Collins, Patricia Hill, 1948–, American sociologist and social theorist, b. Philadelphia, Ph.D. Brandeis University, 1984. A noted African-American studies scholar and activist, Collins completed her BA in sociology from Brandeis University in 1969 and MA in teaching from Harvard University in 1970. At Brandeis, Pauli Murray served as an influential advisor. In 1982, Collins joined the Department of African-American Studies at the University of Cincinnati where she taught for two decades and eventually became a Distinguished Professor of Sociology. In 2005, Collins joined the University of Maryland where she is currently Distinguished University Professor. A social theorist of race, gender, social class, sexuality, and nationality, Collins has written extensively on numerous sociological topics, including standpoint epistemology, matrix of domination, and feminist epistemology. She is considered a major scholar of Black feminist thought and philosophy.
Collins is known for her influential essay, "Learning from the Outsider Within," published in Social Problems in 1986. Although first formally articulated by legal scholar Kimberlé Crenshaw, Collins is credited with developing the term intersectionality. Through this concept she has explained how oppression from any single identity cannot be studied in isolation from the network of oppression that functions due to myriad identities. In 1990, she published Black Feminist Thought, which won the Jessie Bernard Award from the American Sociological Association (ASA) and the C. Wright Mills Award from the Society for the Study of Social Problems (SSSP). In 2008, she became the president of the ASA, the first African-American woman elected to this position in the history of the organization. Throughout her career, Collins has been a key voice as a public sociologist.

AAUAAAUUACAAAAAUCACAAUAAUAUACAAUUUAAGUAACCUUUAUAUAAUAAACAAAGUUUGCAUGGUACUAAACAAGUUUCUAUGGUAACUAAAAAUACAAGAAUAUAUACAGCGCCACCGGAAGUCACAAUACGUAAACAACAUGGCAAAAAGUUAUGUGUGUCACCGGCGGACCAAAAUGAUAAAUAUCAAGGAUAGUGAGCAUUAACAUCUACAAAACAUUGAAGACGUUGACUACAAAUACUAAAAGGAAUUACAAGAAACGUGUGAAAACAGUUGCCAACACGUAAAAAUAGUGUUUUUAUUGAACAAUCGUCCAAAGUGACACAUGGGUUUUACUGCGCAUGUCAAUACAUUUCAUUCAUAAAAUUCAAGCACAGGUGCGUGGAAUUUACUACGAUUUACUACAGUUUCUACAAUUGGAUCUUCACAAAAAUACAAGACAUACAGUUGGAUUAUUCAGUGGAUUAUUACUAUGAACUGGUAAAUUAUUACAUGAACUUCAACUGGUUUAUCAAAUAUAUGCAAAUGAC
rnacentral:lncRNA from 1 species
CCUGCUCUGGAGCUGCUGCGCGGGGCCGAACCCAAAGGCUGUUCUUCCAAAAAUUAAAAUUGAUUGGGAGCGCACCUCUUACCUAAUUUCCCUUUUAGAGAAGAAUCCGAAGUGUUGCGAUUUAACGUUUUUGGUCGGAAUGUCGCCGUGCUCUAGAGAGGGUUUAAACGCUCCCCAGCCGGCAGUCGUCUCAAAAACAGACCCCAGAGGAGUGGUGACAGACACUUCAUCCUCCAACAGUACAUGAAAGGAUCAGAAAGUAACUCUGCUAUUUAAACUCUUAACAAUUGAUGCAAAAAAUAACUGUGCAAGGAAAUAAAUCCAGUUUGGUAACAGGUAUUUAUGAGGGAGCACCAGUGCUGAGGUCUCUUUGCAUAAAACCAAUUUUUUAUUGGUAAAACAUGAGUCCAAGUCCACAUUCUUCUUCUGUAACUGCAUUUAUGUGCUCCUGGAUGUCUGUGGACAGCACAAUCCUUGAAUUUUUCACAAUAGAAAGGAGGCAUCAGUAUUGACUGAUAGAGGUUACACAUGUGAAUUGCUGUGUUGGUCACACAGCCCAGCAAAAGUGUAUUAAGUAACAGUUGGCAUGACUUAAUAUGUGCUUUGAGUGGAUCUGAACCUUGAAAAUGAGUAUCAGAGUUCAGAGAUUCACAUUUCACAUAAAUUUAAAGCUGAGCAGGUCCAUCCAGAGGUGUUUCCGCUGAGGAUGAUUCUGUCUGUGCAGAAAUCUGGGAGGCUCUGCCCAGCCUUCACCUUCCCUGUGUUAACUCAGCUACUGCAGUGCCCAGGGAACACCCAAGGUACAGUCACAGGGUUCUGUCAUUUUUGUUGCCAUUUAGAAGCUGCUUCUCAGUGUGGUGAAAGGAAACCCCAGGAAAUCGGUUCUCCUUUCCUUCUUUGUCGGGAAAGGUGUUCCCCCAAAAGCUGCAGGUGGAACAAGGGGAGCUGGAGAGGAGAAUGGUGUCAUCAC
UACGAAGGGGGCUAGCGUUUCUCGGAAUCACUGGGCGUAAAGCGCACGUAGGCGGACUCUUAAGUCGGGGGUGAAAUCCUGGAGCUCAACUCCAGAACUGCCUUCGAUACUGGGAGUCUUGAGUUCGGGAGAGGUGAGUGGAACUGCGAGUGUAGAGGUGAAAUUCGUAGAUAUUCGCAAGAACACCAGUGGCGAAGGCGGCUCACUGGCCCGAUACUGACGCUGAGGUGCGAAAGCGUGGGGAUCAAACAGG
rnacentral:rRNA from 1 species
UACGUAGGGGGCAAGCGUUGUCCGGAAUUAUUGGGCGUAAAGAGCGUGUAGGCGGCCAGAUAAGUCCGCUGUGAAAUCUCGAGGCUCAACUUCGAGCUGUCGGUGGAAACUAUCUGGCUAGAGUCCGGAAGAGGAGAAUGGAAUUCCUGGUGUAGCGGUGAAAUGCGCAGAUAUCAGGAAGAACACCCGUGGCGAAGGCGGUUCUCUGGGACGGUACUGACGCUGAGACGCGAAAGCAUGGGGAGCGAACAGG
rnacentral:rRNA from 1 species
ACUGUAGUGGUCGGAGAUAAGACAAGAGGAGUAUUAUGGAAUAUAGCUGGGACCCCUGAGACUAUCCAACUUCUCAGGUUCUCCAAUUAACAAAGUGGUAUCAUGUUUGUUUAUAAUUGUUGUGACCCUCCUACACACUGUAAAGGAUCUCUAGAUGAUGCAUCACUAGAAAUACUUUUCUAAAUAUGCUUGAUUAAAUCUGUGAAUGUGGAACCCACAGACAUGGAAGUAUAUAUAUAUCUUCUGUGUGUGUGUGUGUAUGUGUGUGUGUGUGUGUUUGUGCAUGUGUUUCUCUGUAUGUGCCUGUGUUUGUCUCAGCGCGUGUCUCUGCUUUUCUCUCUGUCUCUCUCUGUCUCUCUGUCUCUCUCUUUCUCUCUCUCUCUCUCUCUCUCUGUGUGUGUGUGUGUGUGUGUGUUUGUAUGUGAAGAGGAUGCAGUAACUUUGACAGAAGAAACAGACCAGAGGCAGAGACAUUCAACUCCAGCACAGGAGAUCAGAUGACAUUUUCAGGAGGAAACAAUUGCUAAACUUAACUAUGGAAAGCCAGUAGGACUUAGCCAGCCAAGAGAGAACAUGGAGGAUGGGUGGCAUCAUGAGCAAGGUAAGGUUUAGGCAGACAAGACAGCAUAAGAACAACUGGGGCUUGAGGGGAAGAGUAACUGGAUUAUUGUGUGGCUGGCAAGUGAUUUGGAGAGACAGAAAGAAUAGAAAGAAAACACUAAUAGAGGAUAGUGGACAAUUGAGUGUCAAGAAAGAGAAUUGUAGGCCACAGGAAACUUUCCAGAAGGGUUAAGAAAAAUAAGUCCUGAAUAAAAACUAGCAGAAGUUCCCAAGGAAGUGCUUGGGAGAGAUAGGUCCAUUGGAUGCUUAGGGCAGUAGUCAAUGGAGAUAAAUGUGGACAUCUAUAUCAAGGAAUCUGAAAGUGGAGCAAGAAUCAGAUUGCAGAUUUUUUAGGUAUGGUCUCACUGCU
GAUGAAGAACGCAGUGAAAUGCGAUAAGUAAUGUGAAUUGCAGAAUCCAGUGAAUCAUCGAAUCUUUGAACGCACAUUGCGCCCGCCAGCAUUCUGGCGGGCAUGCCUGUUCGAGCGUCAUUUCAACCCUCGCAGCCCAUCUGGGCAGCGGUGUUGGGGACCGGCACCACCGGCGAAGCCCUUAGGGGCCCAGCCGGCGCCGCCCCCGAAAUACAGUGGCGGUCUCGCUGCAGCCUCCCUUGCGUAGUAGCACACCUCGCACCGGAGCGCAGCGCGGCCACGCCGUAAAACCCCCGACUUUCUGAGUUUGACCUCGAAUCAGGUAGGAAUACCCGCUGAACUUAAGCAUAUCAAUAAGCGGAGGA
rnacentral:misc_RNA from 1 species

Collins has published several books, including, but not limited to, Black Feminist Thought: Knowledge, Consciousness and the Politics of Empowerment (1990), Fighting Words: Black Women and the Search for Justice (1998), Black Sexual Politics: African Americans, Gender, and the New Racism (2005), From Black Power to Hip Hop: Racism, Nationalism, and Feminism (2006), and Intersectionality as Critical Social Theory (2019).
See A. P. A. Busia and S. M. James, eds., Theorizing Black Feminisms: The Visionary Pragmatism of Black Women (2005); C. Calhoun, ed., Sociology in America: A History (2008); S. Kim and C. McCann, eds., Feminist Theory Reader: Local and Global Perspectives (3d ed. 2013); P. R. Grzanka, ed., Intersectionality: A Foundations and Frontiers Reader (2018); J. C. Nash, Black Feminism Reimagined: After Intersectionality (2018); Z. Luna and W. Pirtle, eds., Black Feminist Sociology: Perspectives and Praxis (2021).
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